Good manners are simply a way of making the people around you feel noticed and at ease. Good manners aren’t about the correct way to eat peas, however much some people might obsess about these social niceties, but how to think about others and treat them with kindness and respect. By having good manners almost as second nature, your child will have a happier relationship with the world around them. As the old saying goes, “Smile and the world smiles with you!” Why wouldn’t you want smiles for your child, rather than disapproval and tutting?
But my child’s only a toddler!
Absolutely, but it’s never too early to show your child good manners. From when they were a baby, you’ve been modelling good manners by being patient and gentle with them. Your child will already be beginning to understand that there are ways to behave, for which he receives praise from you, and equally that there are ways not to behave that disappoint you.
“Good manners are about teaching social behaviour,” says clinical child psychologist and mother of three, Dr Elizabeth Kilbey. “Manners are the bedrock of putting someone else first. Toddlers are essentially bad at that because they think they’re the centre of the universe, but you can teach good manners as they learn to rein in impulses and by drilling manners into them in an habitual way, for example that every transition comes with a please and thank you.”
How you can teach manners to a toddler
DO start with the basics
Saying “please” and “thank you” is the first element of good manners you can teach, with the eventual aim that these important words become an ingrained habit. You can begin as soon as your child starts talking, usually sometime after their first birthday.
But don’t be obsessive about it. Gradually, through your prompts and repeating the phrases, they will remember to say please and thank you more often. To help it become an automatic response, always give your toddler specific praise when they do remember: “I was so proud of you when you said thank you to Granny because that made her happy.”
By the time they are two years old, you can teach your toddler to say “hello” when arriving for visits, meeting new people or having a play date. They can also learn to say “goodbye” when it’s time to leave. But it will be hit and miss - sometimes they’ll greet people with a confident “hello”, other times they’ll hide behind your legs in stubborn silence. Don’t force them to speak when they are feeling unsure of themselves.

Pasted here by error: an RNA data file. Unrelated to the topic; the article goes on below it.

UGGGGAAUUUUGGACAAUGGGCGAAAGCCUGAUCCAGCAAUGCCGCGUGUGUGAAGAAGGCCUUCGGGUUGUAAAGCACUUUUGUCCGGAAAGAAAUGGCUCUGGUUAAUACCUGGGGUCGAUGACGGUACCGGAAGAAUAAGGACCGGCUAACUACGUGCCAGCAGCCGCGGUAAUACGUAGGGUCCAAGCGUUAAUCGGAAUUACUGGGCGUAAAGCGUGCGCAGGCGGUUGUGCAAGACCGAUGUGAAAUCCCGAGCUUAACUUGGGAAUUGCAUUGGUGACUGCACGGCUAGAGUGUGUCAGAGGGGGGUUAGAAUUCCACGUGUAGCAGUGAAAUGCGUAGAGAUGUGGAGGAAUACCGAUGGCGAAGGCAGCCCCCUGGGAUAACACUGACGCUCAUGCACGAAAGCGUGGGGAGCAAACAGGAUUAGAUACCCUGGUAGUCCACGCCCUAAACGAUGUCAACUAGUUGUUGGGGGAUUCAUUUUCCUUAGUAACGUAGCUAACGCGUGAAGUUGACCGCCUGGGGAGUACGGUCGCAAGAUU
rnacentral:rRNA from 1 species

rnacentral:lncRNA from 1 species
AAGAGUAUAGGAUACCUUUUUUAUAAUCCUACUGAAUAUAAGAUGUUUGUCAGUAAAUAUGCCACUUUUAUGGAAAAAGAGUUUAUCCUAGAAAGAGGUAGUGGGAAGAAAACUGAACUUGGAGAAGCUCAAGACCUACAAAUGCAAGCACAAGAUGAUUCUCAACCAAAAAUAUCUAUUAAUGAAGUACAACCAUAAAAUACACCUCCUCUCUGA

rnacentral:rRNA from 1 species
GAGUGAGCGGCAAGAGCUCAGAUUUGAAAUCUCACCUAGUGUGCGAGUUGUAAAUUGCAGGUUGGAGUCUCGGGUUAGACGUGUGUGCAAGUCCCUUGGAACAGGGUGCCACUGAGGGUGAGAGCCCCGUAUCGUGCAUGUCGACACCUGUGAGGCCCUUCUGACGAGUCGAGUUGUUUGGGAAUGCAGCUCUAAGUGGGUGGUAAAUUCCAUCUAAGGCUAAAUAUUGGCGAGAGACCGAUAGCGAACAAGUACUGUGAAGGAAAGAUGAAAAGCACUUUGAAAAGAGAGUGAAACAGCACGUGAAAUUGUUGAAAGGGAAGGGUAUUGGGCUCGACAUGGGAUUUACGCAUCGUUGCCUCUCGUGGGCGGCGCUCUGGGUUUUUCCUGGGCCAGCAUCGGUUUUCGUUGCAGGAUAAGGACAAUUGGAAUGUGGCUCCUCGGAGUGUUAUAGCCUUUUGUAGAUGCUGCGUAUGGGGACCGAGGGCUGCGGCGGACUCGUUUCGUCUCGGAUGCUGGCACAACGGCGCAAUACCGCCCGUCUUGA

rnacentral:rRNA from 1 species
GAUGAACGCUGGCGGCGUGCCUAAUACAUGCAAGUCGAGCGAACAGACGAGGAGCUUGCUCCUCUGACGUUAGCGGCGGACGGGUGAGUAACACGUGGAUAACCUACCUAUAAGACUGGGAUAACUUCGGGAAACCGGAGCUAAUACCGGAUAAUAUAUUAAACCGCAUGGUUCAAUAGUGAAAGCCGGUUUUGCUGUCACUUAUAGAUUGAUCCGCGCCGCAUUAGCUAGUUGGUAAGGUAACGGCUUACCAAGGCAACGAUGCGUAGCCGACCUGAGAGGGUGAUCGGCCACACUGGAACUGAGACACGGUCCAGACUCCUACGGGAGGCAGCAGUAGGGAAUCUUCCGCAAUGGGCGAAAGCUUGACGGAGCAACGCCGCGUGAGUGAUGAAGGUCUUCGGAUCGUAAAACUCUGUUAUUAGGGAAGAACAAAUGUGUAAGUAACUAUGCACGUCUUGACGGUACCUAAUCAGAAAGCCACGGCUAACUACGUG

DO be a good role model
Your child won’t be polite, unless she sees you being polite - to your partner, to other parents, to sales assistants. Everyone. Every time. If your child is brought up hearing polite speech - “please”, “thank you”, “excuse me”, “I’m sorry” - she’ll want to copy you.
“This isn’t just when you’re playing tea parties, but in every transition so they learn the habit,” says Dr Kilbey.
DO teach generosity and sharing
“Be realistic; for a lot of toddlers sharing is outside their ability. Until they’re about three they won’t understand it,” says Dr Kilbey. “Your child will get there so stay calm, model sharing yourself and reinforce your child’s willingness to share with positive praise every time he does.”
DO encourage good table manners
Don’t be too ambitious too young. Sitting in one place for any length of time can be tough for an energetic toddler who wants to squirm away. Sit down with your child so you can chat and eat together. Why should they sit still if you’re bustling around the kitchen?
Moving from finger food to using a fork and spoon will happen naturally; simply give your child ample opportunity and praise as their manual dexterity improves.
When you’re eating out, as with all manners in public, explain that this is the time to show how good they are at sitting still. Compliment them afterwards for their polite, grown-up behaviour but don’t go OTT because you want them to learn that this is a normal expectation.
DON’T expect too much too soon
We all know that embarrassment when our toddler is rude at a playgroup or play date, especially when other kids appear to be behaving perfectly. But remember they are still too young to control all of their impulses all of the time.
Make sure you take every opportunity - reading, watching TV together, chatting, play acting - to talk about feelings and increase their vocabulary.
Without dwelling on the past incident, be clear about what you’d like them to do next time and why: “When you are rude and shout at X it makes her sad, and that makes me sad too. Can you think of a polite way to ask for the toy next time?” Be calm and firm and don’t lose your temper which sends all sorts of mixed messages.
DON’T expect “sorry” too soon
The word sorry comes with empathy. And until your child understands that their actions affect other people’s feelings, it’s just a word they are parroting. Again, modelling is key here.